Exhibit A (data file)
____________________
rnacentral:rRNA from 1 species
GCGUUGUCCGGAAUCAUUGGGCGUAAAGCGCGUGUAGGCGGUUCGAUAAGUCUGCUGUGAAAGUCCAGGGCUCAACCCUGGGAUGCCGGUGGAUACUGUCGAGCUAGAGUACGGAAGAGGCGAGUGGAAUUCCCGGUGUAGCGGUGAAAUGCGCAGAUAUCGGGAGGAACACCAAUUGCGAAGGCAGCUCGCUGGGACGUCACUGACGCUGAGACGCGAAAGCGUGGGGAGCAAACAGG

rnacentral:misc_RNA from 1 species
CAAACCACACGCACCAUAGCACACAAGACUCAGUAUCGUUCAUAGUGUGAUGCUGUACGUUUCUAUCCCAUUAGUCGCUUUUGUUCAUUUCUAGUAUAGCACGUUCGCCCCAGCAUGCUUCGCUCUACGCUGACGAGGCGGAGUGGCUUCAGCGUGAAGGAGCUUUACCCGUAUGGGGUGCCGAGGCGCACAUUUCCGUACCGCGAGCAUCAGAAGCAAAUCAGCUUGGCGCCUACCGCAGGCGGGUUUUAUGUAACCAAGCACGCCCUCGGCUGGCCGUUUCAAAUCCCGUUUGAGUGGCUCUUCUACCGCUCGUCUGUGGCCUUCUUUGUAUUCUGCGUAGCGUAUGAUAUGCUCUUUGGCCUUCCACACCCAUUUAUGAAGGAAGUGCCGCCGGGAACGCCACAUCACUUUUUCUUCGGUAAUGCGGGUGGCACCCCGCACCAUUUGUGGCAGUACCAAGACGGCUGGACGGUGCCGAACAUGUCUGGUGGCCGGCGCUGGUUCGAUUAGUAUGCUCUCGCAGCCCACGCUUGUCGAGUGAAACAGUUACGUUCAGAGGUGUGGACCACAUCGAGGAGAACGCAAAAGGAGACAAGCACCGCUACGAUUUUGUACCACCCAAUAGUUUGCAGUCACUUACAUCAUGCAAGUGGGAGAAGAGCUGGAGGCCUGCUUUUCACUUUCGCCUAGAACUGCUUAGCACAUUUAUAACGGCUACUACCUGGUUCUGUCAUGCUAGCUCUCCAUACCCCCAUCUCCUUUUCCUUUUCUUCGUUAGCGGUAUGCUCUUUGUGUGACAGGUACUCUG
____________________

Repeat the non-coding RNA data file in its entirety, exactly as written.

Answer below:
rnacentral:rRNA from 1 species
GCGUUGUCCGGAAUCAUUGGGCGUAAAGCGCGUGUAGGCGGUUCGAUAAGUCUGCUGUGAAAGUCCAGGGCUCAACCCUGGGAUGCCGGUGGAUACUGUCGAGCUAGAGUACGGAAGAGGCGAGUGGAAUUCCCGGUGUAGCGGUGAAAUGCGCAGAUAUCGGGAGGAACACCAAUUGCGAAGGCAGCUCGCUGGGACGUCACUGACGCUGAGACGCGAAAGCGUGGGGAGCAAACAGG

rnacentral:misc_RNA from 1 species
CAAACCACACGCACCAUAGCACACAAGACUCAGUAUCGUUCAUAGUGUGAUGCUGUACGUUUCUAUCCCAUUAGUCGCUUUUGUUCAUUUCUAGUAUAGCACGUUCGCCCCAGCAUGCUUCGCUCUACGCUGACGAGGCGGAGUGGCUUCAGCGUGAAGGAGCUUUACCCGUAUGGGGUGCCGAGGCGCACAUUUCCGUACCGCGAGCAUCAGAAGCAAAUCAGCUUGGCGCCUACCGCAGGCGGGUUUUAUGUAACCAAGCACGCCCUCGGCUGGCCGUUUCAAAUCCCGUUUGAGUGGCUCUUCUACCGCUCGUCUGUGGCCUUCUUUGUAUUCUGCGUAGCGUAUGAUAUGCUCUUUGGCCUUCCACACCCAUUUAUGAAGGAAGUGCCGCCGGGAACGCCACAUCACUUUUUCUUCGGUAAUGCGGGUGGCACCCCGCACCAUUUGUGGCAGUACCAAGACGGCUGGACGGUGCCGAACAUGUCUGGUGGCCGGCGCUGGUUCGAUUAGUAUGCUCUCGCAGCCCACGCUUGUCGAGUGAAACAGUUACGUUCAGAGGUGUGGACCACAUCGAGGAGAACGCAAAAGGAGACAAGCACCGCUACGAUUUUGUACCACCCAAUAGUUUGCAGUCACUUACAUCAUGCAAGUGGGAGAAGAGCUGGAGGCCUGCUUUUCACUUUCGCCUAGAACUGCUUAGCACAUUUAUAACGGCUACUACCUGGUUCUGUCAUGCUAGCUCUCCAUACCCCCAUCUCCUUUUCCUUUUCUUCGUUAGCGGUAUGCUCUUUGUGUGACAGGUACUCUG